Abstract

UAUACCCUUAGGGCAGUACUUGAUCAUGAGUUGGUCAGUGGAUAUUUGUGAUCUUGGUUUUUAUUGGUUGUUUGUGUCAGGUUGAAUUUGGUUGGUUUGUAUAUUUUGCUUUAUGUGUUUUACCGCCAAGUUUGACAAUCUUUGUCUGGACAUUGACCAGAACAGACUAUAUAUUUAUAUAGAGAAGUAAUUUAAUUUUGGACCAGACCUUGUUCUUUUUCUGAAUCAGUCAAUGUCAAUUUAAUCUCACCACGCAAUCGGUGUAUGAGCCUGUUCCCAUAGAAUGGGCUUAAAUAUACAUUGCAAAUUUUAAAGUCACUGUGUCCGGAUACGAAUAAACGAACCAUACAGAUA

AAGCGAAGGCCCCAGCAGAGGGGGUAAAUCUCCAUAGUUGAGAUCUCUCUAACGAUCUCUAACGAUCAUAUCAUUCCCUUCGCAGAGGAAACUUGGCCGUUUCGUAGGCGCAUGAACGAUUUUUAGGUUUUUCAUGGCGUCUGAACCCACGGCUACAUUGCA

Controlled-source electromagnetic (CSEM) field surveys offer a geophysical method to discriminate between high and low hydrocarbon saturations in a potential reservoir. However, the same geological processes that create the possible hydrocarbon reservoir may also create topography and near-surface variations of resistivity (e.g., shallow gas or hydrates) that can complicate the interpretation of CSEM data. In this paper, we discuss the interpretation of such data over a thrust belt prospect in deepwater Sabah, Malaysia. We show that detailed modeling of the key scenarios can help us understand the contributions of topography, near-surface hydrates, and possible hydrocarbons at reservoir depth. Complexity at the surface and at depth requires a 3D electromagnetic modeling code that can handle realistic ten-million-cell models. This has been achieved by using an iterative solver based on a multigrid preconditioner, finite-difference approach with frequency-dependent grid adaptation.

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